Many of the rooms are extremely ornate, with tromp d’ oeil paintings applied to walls and ceilings and lots of decorative carving.
The greenhouses in the gardens have limited access. The prominent hunting tower is a holiday let.
It took me two hours to walk around the house, and some more time just to walk to one extremity of the gardens and back. If you want to see everything Chatsworth has to offer and have a lunch break, I would suggest an all-day visit.
Corsham Court dates from 1582, and was bought by Sir Paul Methuen in the mid 18th century to display his celebrated collection of 16th and 17th century Old Master paintings. A second collection was added through inheritance in the mid 19th century. The house was extended to accommodate the paintings using as architect Capability Brown, who also designed the gardens and park. The interiors retain many original features including plasterwork, wall hangings and furniture by Chippendale, Thomas Johnson, etc. The paintings include works by Van Dyck, Carlo Dolci, Fillipo Lippi, Salvator Rosa, Reynolds and Romney.
Surrounding the park today are the impressive gardens designed by Capability Brown and including a Gothic bath-house, a 13 acre lake and a ha-ha.
Bath Spa University uses parts of the house and grounds.
Free parking is available outside the house next to the church. The house and gardens are opened frequently throughout the year, in the afternoon. A curator and room guides are available to answer questions.
Historic Houses Association, privately owned, limited access
Access to Thorn is mainly by the ‘Invitation to View’ scheme.
Thorn is near the village of Wembury, on a spectacular site on the banks of the river Yealm. The estate has had a variety of owners. The Corys added a ballroom and billiard room (now vanished) for their royal and noble guests. In 1920 the estate was bought by William Arkwright, former owner of Sutton Scarsdale Hall in Derbyshire, who renamed it from South Wembury House to ‘Thorn’.
The present building at Thorn dates from the 19th century and the Corys but a much older building once stood on the site as evidenced by the Tudor cellars.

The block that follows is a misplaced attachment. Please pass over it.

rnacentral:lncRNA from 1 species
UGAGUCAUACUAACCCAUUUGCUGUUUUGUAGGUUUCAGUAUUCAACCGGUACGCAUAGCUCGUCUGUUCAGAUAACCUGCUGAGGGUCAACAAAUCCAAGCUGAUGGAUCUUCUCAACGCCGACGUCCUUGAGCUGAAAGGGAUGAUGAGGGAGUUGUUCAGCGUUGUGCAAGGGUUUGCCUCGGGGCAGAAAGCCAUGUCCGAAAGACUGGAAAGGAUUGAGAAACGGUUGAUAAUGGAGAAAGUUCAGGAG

Arkwright started development of the gardens, and this work was continued by the next owner, Mrs Sebag-Montefiore. The present owners have lived here since 1981.
The house has three grand rooms downstairs, with interesting furniture and art. The gardens are terraced and extend along a steep hillside. They contain many trees including rhododendrons, camellias, azaleas and eucalyptus. The gardens are well worth seeing.
My visit was hosted by the enthusiastic owner, Eva Gibson, and was very enjoyable, lasting for around four hours. Details of how to access the property were provided on booking via ‘Invitation to View’.
Surprisingly, the house is listed on Air B+B.
More pictures are on the Thorn website.
Caerhays Castle is situated near a beach not far from the village of St Michael Caerhays, south of St. Austell. The castle was designed by John Nash and built in the Georgian period. Its owner went bankrupt and to pay creditors the contents of the house were dispersed in a great auction, and even the lead from the roofs was sold, leaving the building derelict. Some decades later the wreck was bought by the Williams family who restored it, giving it Victorian interiors and starting to create the gardens. The gardens contain plants imported from various parts of the world, including rhododendrons, camellias and azaleas, which make a fine show in the spring.
From a distance, the castle looks as if it contains a vast number of rooms, but Nash’s castellated design conceals various service courtyards so the number of habitable rooms is in fact more modest.
Parking is in the beach car park and there is a stiff walk up to the house (except for disabled, who can park at the house). Caerhays is accessed through a maze of minor roads.
The house contains some fine interiors, including a circular (tower-shaped) drawing room. Admission to the house is by conducted tour and as numbers on the tours are limited, booking well in advance by telephone is advised. The gardens are a major attraction and well worth a visit. Note that the house opening dates and garden opening dates are not the same.